IW: Still, some people ask, 'Why can't everything be manufactured overseas?'
Davis: Well what happens if we had a war with China? Where would we get our boots?
IW: As far as the percentage that you manufacturer here and abroad, can you give us a breakdown?
Davis: It's about 25% here and 75% imported, in units.
IW: How do you decide how much to manufacture in the U.S.?
Davis: As I indicated: Our ability to increase our manufacturing has not been able to keep up with our sales. Each of our U.S. manufacturing facilities has a capacity limit, and it takes significant time and resources to expand [it].
IW: In the meantime, all your athletic footwear competitors are overseas.
Davis: We feel that we make better shoes here, because we can control the quality better. But we also make better shoes abroad because we know how to make shoes. Whereas our competitors will design a shoe, and they'll send it over and say to those guys 'make it,' we usually tell them how to make it better.
IW: So, one of the benefits of domestic manufacturing is that it gives you a better understanding of the manufacturing process, which helps you make a better product?
Davis: No question about it.
IW: What are the other ways you benefit by manufacturing in the U.S.?
Davis: We're closer to the market. We're able to work more closely with our retailers and get the product to our consumer quicker. We ship product to our retailers every day. Most of our competitors ask you to order six months in advance. We share the risk with the retailer so that he or she isn't caught with obsolete inventory and a lot of markdowns. One of the other things that differentiates us -- and is a reason for sharing the risk -- is we make all of our shoes in multiple widths. A retailer doesn't have the storage capacity to keep a lot of product for every single width and size, so we hold on to it in our own distribution center and ship it to them as they need it. It's really developing a close working partnership with the retailer so that we can accommodate their requirements. Another point I want to make is that we probably wouldn't be a domestic manufacturer if we were a public company. . .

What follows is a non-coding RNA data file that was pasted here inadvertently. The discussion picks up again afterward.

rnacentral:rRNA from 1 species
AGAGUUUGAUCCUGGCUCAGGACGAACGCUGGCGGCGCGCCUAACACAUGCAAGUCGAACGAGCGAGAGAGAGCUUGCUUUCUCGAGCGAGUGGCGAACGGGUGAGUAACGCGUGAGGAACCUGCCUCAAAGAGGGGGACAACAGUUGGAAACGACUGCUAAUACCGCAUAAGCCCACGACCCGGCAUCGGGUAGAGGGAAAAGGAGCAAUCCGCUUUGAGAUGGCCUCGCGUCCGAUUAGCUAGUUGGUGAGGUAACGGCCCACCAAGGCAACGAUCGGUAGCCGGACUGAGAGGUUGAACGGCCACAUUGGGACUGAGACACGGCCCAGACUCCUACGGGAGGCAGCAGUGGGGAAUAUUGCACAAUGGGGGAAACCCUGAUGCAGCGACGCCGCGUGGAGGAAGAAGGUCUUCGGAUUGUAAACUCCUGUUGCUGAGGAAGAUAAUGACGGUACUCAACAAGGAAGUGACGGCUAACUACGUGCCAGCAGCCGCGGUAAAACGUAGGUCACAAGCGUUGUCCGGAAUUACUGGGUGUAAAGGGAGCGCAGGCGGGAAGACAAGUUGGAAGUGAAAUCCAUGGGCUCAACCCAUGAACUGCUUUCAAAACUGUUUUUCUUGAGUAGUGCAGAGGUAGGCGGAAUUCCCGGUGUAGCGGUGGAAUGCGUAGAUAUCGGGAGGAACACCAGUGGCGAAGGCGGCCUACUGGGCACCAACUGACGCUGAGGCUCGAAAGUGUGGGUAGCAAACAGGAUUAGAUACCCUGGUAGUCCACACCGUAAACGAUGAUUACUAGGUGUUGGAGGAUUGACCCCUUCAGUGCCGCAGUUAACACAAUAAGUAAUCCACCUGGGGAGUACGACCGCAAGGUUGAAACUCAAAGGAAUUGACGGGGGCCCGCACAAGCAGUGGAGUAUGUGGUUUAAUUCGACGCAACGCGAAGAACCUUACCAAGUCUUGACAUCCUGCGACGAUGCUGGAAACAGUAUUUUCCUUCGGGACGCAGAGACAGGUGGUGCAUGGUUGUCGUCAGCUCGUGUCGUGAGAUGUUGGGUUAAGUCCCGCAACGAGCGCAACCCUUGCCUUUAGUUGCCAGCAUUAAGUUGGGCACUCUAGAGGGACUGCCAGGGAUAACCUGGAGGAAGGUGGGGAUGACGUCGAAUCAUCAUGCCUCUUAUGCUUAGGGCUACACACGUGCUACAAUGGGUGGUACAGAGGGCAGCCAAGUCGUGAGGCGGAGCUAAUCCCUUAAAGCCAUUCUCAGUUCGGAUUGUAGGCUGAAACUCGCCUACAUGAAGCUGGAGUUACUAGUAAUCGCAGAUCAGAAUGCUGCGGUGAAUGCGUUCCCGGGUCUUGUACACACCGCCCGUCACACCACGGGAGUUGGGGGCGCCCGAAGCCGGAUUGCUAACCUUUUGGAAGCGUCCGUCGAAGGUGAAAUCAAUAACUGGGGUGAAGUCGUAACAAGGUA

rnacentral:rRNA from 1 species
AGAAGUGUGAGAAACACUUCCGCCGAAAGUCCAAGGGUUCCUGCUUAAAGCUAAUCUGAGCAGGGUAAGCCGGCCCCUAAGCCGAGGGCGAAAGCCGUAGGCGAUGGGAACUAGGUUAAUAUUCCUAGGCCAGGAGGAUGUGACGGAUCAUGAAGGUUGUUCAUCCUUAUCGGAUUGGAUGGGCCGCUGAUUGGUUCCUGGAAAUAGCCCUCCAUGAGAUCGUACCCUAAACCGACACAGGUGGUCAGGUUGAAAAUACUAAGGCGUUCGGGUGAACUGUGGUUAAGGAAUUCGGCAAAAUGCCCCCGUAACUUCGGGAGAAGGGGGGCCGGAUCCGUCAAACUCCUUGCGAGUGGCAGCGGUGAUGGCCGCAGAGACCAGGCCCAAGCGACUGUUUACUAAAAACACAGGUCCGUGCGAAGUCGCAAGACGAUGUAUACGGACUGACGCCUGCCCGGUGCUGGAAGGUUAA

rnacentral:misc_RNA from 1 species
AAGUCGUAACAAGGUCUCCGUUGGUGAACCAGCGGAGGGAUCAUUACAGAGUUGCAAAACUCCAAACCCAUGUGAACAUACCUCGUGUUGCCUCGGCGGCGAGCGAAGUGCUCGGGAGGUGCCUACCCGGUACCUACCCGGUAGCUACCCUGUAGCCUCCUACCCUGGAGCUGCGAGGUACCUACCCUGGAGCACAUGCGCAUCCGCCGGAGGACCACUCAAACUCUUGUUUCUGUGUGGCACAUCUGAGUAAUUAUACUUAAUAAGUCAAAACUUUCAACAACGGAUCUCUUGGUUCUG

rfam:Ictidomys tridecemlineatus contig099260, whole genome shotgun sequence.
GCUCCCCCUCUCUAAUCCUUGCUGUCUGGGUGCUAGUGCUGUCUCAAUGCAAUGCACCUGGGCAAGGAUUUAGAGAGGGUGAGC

IW: That was one of my next questions . . .
Davis: . . . primarily because we would probably be more profitable if we made all of our shoes abroad. But again, we think it's important to manufacture here.
IW: You're willing to leave that profit on the table?
Davis: Yes. We provide better services because [we manufacture in the U.S.]. There are secondary issues [but] it's hard to come up with a dollar figure. The products that we make abroad, we feel, are better because of our experience in terms of domestic manufacturing. We think that the fact that we make them here, the quality is better. We're better designers . . . The width sizing is a major, major factor.
IW: Do other athletic shoe manufacturers offer width sizing?